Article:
Soto Beats Antillon In ‘Fight Of The Year’ Candidate

BY David A. Avila ON December 04, 2010
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ANAHEIM-Despite a rather small crowd it was big time action as champions Humberto Soto, Nonito Donaire and contender Miguel Garcia struck lightning while entertaining the crowd on Saturday.

WBC lightweight titleholder Soto (54-7-2, 32 KOs) and challenger Urbano Antillon (28-2, 20 KOs) cracked each other relentlessly in a back and forth battle in the main event in front of more than 3,200 fans at the Honda Center. No doubt, the fans at the arena witnessed one of the top actions fights in the past 12 months.

“The main event is going to be one of the fights considered the fight of the year,” said Bob Arum of Top Rank.

How right he is.

From the opening bell the two let loose with vicious blows. Antillon was intent on landing to the body while Soto preferred the uppercut. It was the formula for the entire 12 rounds.

The referee deducted a point from Antillon for a low blow in the fifth round and that proved to be the difference. But for the entire fight both Soto and Antillon punished each other in a contest that swayed back and forth.

“We knew he was going to come at us all night,” said Soto. “We knew it (the uppercut) was going to be the key.”

In the sixth round a blistering body attack by Antillon seemed to knock the wind out of Soto. At that point it looked like he might crumble from the blows but he rallied.

“Sometimes you have to fight. I never expected that he would take everything I had.

This fight was real tough,” Soto said.

The judges scored it a close but unanimous decision for Soto 115-112 and 114-113 twice.

Antillon was disappointed but grateful.

“I said what I was going to do and that’s what I did,” Antillon said. “We expected exactly what it was. I got hit a little a couple of times but we did what we planned to do.”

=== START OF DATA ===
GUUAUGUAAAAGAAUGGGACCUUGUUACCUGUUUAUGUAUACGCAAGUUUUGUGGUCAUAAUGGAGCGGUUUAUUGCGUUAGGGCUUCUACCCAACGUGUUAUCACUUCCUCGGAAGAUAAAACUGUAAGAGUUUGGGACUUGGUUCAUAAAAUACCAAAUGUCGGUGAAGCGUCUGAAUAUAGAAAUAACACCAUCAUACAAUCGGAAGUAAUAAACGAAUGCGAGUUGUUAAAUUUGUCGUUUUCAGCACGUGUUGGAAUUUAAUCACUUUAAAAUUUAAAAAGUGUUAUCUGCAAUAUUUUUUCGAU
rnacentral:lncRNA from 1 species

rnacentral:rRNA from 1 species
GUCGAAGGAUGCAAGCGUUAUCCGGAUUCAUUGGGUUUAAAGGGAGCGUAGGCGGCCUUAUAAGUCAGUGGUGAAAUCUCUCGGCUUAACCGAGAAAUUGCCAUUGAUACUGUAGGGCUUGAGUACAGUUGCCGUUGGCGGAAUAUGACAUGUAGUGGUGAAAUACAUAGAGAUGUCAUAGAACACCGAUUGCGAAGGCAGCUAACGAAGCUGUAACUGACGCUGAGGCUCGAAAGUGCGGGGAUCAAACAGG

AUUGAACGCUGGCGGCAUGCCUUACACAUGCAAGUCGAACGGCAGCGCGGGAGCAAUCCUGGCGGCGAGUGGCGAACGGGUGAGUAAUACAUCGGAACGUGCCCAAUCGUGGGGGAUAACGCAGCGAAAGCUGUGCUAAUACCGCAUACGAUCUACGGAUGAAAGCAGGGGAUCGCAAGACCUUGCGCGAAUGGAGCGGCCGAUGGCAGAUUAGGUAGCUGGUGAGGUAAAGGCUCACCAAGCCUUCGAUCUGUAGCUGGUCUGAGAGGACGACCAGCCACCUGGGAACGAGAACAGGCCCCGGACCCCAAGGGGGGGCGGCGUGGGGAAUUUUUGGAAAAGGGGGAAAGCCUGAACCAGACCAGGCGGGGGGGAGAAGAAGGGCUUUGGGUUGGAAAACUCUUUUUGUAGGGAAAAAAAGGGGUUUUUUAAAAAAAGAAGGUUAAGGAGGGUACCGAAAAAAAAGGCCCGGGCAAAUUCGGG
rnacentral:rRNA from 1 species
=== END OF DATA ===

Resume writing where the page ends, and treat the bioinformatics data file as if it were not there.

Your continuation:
Nonito

Nonito “Filipino Flash” Donaire (25-1, 17 KOs) blew by Ukrainian fighter Vladimir Sidorenko (22-3-2, 7 KOs) with three knock downs before finally stopping him at 1:48 of the fourth round of a bantamweight fight.

“I didn’t even go to my plan the counter hooks are always going to be me. Big respect for Sidorenko. I knew that I hurt him but much respect for him,” said Donaire. “They told me to stay back not to get too wild.”

Donaire showed why many consider him one of the top prizefighters pound for pound in the world with total domination over former champion Vladimir Sidorenko in a bantamweight title fight.

The Filipino Flash floored the Ukrainian fighter three times and had him bloodied after the first round.

In round three a counter left hook caught Sidorenko perfectly and dropped the Russian fighter. He got up again.

“I didn’t even go to my plan the counter hooks are always going to be me. Big respect for Sidorenko. I knew that I hurt him but much respect for him,” said Donaire. “They told me to stay back not to get too wild.”

Left hands dropped Sidorenko the first two times but a right hand finished the job at 1:48 of the fourth round. The Ukrainian fighter shook his head as the referee counted him out.

He was clearly in pain.

“This was by far my best performance. The (Vic) Darchinyan was just one punch,” said Donaire. “I was really motivated for this fight because I really wanted to win. I wanted to show I can dominate.”